The increased amount of television means the jobbers are more visible today than they have ever been, and more likely to be subject to a potential push. They might be perennial losers at the moment, but who is to say that The Prime Time Players won't receive a push in the future, either as a team or individuals. Look at Curtis Axel now, this time last year he was losing more often than not and going nowhere, now he is the Intercontinental Champion and at the beginning of the biggest push of his career. Similar can be said for Fandango. 9 hours of weekly television means that there are more and more opportunities for jobbers to move up the card. The possibility of holding a title in the WWE is much greater now than it was in the early 90s, all be it less than it was in the early 2000s.

The modern day situation of WWE also means that some of the jobbers have much stronger job security, which means a more secure financial position. Look at wrestlers such as JTG, Yoshi Tatsu, Curt Hawkins and Primo. Despite rarely, if ever, winning a match, these guys have been employed by WWE for a long time. The rigorous touring schedule, not to mention its size, means that a large roster is vital, and this means that people need to be employed to lose. Sure, if you're higher on the card I assume you make more money, but making money is better than being unemployed in the wrestling business. Even when released, a decent tenure with WWE surely puts you in a better position to get independent bookings, as seen with Chris Masters and more recently Derrick Bateman.

Despite this, it could be argued that the life of a jobber is worse today. More so in wrestling than in sports, losing looks bad. Credibility with the fans is almost vital, and constant losing can put serious dents in this. This is seen whenever anyone gets saddled with the losing streak gimmick. Despite getting one of the biggest pushes of his career this year, people still remember Jack Swagger as someone who couldn't buy a win just one year previous. Constant loser can also become a subject of ridicule.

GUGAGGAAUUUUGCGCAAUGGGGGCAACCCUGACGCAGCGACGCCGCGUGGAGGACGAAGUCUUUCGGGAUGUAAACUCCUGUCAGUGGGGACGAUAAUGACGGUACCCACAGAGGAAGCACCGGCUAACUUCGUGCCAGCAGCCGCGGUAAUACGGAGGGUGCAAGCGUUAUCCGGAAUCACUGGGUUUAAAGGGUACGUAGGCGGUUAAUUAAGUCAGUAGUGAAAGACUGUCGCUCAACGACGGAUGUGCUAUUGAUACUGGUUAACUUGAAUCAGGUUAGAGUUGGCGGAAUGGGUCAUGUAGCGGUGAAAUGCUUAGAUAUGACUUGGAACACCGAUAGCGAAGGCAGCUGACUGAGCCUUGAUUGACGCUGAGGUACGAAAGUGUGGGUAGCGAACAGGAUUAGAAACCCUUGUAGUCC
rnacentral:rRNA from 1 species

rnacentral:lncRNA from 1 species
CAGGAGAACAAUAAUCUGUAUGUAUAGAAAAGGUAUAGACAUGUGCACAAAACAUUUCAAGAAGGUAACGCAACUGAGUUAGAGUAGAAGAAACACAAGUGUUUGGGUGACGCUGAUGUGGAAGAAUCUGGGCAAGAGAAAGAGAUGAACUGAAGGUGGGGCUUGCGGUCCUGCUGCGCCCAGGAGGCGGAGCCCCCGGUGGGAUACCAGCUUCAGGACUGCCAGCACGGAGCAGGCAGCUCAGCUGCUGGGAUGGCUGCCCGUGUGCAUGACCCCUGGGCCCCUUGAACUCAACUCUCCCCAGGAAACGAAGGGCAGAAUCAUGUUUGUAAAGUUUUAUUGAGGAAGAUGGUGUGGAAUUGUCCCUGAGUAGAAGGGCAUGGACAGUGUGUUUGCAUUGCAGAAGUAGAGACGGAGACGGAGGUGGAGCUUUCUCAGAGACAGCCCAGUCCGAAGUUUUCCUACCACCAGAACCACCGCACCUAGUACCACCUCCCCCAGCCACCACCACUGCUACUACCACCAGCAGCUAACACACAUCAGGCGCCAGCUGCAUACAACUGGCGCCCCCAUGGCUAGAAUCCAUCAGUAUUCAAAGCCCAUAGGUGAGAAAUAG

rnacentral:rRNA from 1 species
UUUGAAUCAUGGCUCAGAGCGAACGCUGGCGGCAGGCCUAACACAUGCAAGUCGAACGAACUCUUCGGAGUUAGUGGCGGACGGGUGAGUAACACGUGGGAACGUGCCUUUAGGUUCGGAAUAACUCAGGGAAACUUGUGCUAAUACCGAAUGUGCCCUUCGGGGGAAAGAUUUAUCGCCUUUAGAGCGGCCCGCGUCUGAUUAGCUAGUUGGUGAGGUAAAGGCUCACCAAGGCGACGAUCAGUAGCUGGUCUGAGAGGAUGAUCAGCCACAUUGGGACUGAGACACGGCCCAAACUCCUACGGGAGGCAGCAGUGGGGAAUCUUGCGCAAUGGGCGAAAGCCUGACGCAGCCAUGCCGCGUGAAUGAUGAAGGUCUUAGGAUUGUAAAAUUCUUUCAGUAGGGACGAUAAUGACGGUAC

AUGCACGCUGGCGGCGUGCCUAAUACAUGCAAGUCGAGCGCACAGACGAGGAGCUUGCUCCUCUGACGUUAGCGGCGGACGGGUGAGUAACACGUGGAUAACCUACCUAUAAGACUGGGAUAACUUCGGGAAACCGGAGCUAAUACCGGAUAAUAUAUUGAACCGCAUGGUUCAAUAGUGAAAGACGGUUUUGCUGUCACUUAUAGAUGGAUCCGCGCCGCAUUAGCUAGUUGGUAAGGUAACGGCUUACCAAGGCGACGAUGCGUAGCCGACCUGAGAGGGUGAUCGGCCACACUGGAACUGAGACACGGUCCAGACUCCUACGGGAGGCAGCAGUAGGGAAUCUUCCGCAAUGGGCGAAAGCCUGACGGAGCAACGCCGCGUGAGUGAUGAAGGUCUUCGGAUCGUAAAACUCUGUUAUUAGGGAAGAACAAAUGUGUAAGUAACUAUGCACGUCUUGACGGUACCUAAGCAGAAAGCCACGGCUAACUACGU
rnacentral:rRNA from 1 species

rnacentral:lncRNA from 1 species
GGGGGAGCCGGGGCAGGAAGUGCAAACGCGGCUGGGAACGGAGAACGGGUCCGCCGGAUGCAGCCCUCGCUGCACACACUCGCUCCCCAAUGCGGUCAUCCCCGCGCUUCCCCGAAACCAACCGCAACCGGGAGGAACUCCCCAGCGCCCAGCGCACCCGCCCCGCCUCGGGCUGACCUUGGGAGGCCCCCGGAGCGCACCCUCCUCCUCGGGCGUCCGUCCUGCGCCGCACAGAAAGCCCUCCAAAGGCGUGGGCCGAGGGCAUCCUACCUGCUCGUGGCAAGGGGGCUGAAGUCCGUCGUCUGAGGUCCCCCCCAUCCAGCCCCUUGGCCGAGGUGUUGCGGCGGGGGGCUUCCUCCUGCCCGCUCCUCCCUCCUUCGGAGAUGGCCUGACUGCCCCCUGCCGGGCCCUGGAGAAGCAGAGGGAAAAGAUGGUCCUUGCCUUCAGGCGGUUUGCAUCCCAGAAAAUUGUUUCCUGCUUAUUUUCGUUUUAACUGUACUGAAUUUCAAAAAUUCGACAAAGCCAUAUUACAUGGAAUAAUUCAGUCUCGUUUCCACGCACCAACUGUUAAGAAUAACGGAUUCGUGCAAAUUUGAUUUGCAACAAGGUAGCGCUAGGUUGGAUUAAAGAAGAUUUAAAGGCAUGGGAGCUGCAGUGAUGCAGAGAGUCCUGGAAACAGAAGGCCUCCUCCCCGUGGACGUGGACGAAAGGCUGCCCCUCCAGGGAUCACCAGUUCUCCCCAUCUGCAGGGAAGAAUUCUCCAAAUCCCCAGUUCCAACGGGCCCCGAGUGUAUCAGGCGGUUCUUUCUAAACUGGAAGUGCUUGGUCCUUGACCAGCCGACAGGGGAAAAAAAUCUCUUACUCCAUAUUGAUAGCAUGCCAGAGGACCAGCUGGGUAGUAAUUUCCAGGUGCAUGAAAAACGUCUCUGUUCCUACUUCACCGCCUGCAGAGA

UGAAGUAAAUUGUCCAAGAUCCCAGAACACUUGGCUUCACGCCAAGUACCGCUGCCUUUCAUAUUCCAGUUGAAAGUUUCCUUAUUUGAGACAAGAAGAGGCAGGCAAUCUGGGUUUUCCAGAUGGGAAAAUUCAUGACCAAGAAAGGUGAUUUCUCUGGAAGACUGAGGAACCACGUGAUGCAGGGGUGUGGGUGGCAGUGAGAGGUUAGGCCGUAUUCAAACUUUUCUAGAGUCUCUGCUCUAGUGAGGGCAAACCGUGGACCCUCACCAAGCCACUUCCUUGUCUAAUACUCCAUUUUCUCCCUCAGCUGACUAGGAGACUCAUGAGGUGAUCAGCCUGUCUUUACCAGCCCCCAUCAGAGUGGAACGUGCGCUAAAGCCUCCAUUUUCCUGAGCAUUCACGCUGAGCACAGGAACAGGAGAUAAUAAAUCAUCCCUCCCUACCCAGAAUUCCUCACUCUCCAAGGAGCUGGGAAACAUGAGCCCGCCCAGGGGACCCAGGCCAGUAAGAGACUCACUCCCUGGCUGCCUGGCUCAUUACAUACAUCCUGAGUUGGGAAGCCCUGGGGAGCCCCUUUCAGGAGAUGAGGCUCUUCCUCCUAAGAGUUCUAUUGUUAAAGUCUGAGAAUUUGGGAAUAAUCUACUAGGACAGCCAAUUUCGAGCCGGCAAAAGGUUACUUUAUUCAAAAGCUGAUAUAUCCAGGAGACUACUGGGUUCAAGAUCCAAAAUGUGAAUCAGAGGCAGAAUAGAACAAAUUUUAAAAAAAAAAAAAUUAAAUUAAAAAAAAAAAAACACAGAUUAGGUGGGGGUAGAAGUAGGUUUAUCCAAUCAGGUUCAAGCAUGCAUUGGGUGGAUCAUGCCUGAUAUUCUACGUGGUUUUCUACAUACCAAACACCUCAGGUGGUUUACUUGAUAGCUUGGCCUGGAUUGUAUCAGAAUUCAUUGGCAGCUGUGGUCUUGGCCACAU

Just look at JTG. He is ridiculed to the point of only existing for that. There is even a website dedicated to how long he has been employed and how dumb it is. His career now might be beyond salvation, and even if he is released he will always be known as JTG the total jobber. His credibility could not be any lower. He's a genuinely talented performer, one who was very effective as part of a tag team, but those days seem a long time ago. Back in the days of the WWF, a guy could be a jobber for WWF one night and a main event guy for another territory the next. The promotions had less of a universal position, confined to their areas, so reputations could be different depending on the company they were representing. These days, talent for WWE is exclusive to them, so their reputation is defined by how they are presented on WWE television.

Heath Slater is another interesting example. Despite being a 3 time tag champion, he is now a joke. Just last year, he spent the majority of his summer jobbing to names from the past. Heck, he even jobbed to jobbers from the past. When 3MB burst on the scene there was a chance of being reinvigorated, but that group has now become nothing more than a joke. However, his chances of long tenure and potential pushing are high, as his willingness to do the job (not to mention the style in which he did it) have led to him having many supporters higher up in the company. By jobbing, and doing it well without complaint, you show loyalty to the company, and loyalty in pro wrestling is a rare thing.

These days, WWE is professional wrestling in the United States. A lot of the people who we consider jobbers today, your Zack Ryders, your Curt Hawkins, your Alex Rileys, these are people who grew up watching WWF, people who dreamt of one day becoming a WWE superstar. Not withstanding the odd petulant tweet, these guys are living a dream, one that I would say the vast majority of people writing for or reading this site have shared. When I was young, I dreamt of one day performing on WWF TV, of wrestling on the grandest stage of them all, even just once, even to lose. Of all the guys that I would consider jobbers today, almost 50% of them have been involved at Wrestle Mania, and I would be surprised if The Prime Time Players, Zack Ryder and Hunico don't eventually reach that point. Whilst we lament their position, these guys are living a dream.

And that's that. What do you think of the life of a jobber? Talented workers who deserve better? A job is a job is a job? It's a tough one. Drop a comment in the lonely comment box below, drop me an email at haraldmath@gmail.com or twitter me at @pingvinorkestra. Have a safe weekend folks.